Sunday, February 22, 2015

South Sudanese Political Parties Query Cabinet’s Decision to Cancel Poll
February 20, 2015 (JUBA) – The alliance of South Sudanese political parties have questioned the legitimacy of the cabinet after it proposed the cancellation of the 30 June elections.

In a statement extended to Sudan Tribune, the alliance argued that no constitutional provision allows cabinet cancel elections or extend its term in office.

“The government has no constitutional or legal authority to cancel the conduct of the elections. The only two sections in the law that allow postponement of elections by NEC [National Elections Commission] are 57 and 150 for only 60 days and for specific reasons none of which applies in this case,” partly reads a statement from the parties.

According to the group, law are in place to protect democracy from any government that may decide to interrupt elections whenever it feels it may be losing the contest.

“Therefore, the decision of the Council of Ministers has no basis in the constitution and the law and was an attempt to preempt the court procedures in a way that bypasses the law,” stressed the alliance of political parties.

“Hence, the only authority that can cancel the elections remains the Supreme Court,” it added, weeks after successfully petitioning the High Court to nullify NEC’s decision to conduct the June elections.

The High Court fixed 3 March as the date for hearing the election petition.

The political parties’ alliance, in their statement, further accused the current government of allegedly failing to deliver basic services to the population, saying its era in office has been characterised by “rampant corruption in which billions of our oil money lined the pockets and swelled the bank accounts of government ministers and senior officials with their business associates”.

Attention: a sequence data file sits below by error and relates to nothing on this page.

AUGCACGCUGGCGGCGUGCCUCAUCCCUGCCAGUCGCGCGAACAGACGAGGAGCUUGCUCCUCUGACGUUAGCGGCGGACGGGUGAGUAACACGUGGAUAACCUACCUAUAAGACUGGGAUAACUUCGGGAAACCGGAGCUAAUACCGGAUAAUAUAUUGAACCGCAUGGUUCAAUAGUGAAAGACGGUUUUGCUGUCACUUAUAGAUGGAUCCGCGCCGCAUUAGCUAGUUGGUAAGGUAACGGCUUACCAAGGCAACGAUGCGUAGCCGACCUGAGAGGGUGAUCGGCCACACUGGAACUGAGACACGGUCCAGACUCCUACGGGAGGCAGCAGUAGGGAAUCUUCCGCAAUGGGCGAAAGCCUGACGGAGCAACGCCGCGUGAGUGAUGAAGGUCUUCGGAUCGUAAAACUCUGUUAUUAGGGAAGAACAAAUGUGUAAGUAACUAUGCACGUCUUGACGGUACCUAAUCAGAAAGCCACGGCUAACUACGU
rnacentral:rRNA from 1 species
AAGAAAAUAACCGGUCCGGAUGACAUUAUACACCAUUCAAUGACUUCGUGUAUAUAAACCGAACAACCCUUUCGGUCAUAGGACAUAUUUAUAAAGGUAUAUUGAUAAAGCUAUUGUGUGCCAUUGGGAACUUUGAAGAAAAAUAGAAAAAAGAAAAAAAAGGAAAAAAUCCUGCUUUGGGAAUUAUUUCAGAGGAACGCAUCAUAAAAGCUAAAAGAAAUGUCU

“Such an inefficient government and a rubber-stamp parliament do not deserve to stay in power for a single day beyond the term of office stipulated for them in the Constitution,” further reads the 16 February release.

The South Sudanese government and its armed opposition faction are currently involved in series of negotiations on a proposed transitional government under the mediation of the Intergovernmental Authority on Development (IGAD) regional leaders.

The alliance of parties, however, said the formation of interim administration could only occur in the event that an all-inclusive peace agreement is signed and incorporated in the transitional constitution or when the two main warring parties to the conflict have failed to reach any peaceful settlement.

“The first option, and the most ideal, is when a peace agreement negotiated through an inclusive process has been reached. The peace agreement shall then be incorporated into the current Constitution so that the Transitional Government of National Unity assumes office by 9 July 2015 for a period of 30 months,” the group said.

“The second option shall only be considered if the upcoming peace talks in Addis Ababa fail to be conclusive by the date set. Then and only then, shall all the political forces in the country together with the civil society in its broad definition convene a national conference to discuss the road map for the country after 9 July 2015 when the mandate of the current government would have come to an end,” they added.


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